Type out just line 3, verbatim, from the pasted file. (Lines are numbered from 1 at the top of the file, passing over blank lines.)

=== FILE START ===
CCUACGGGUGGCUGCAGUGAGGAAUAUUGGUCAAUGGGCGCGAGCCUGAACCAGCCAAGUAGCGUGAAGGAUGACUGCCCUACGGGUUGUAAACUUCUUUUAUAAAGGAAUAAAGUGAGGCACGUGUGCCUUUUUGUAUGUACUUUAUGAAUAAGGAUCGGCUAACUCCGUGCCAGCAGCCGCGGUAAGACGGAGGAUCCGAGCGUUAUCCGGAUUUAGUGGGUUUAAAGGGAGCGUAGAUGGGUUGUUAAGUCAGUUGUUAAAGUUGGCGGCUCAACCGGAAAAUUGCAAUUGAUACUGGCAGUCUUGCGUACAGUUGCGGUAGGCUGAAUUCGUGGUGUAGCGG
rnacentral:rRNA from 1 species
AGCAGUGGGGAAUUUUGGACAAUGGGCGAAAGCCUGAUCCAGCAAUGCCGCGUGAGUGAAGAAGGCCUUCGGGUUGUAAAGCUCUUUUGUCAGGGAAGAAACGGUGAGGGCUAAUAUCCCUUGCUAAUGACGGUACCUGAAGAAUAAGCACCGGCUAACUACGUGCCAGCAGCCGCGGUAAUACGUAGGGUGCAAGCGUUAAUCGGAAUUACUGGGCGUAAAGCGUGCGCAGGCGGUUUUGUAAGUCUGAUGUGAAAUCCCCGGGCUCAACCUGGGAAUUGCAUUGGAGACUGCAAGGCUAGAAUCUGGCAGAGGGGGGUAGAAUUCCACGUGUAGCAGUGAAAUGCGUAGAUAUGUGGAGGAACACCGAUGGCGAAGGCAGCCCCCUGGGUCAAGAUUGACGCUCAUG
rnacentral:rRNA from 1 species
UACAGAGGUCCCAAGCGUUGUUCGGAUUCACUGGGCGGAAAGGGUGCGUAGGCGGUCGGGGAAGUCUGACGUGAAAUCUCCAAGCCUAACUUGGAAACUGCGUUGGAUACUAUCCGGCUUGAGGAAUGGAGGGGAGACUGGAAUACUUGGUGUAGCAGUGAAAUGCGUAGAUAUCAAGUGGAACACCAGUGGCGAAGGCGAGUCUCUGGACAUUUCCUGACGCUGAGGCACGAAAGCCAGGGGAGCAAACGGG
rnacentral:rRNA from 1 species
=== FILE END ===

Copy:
AGCAGUGGGGAAUUUUGGACAAUGGGCGAAAGCCUGAUCCAGCAAUGCCGCGUGAGUGAAGAAGGCCUUCGGGUUGUAAAGCUCUUUUGUCAGGGAAGAAACGGUGAGGGCUAAUAUCCCUUGCUAAUGACGGUACCUGAAGAAUAAGCACCGGCUAACUACGUGCCAGCAGCCGCGGUAAUACGUAGGGUGCAAGCGUUAAUCGGAAUUACUGGGCGUAAAGCGUGCGCAGGCGGUUUUGUAAGUCUGAUGUGAAAUCCCCGGGCUCAACCUGGGAAUUGCAUUGGAGACUGCAAGGCUAGAAUCUGGCAGAGGGGGGUAGAAUUCCACGUGUAGCAGUGAAAUGCGUAGAUAUGUGGAGGAACACCGAUGGCGAAGGCAGCCCCCUGGGUCAAGAUUGACGCUCAUG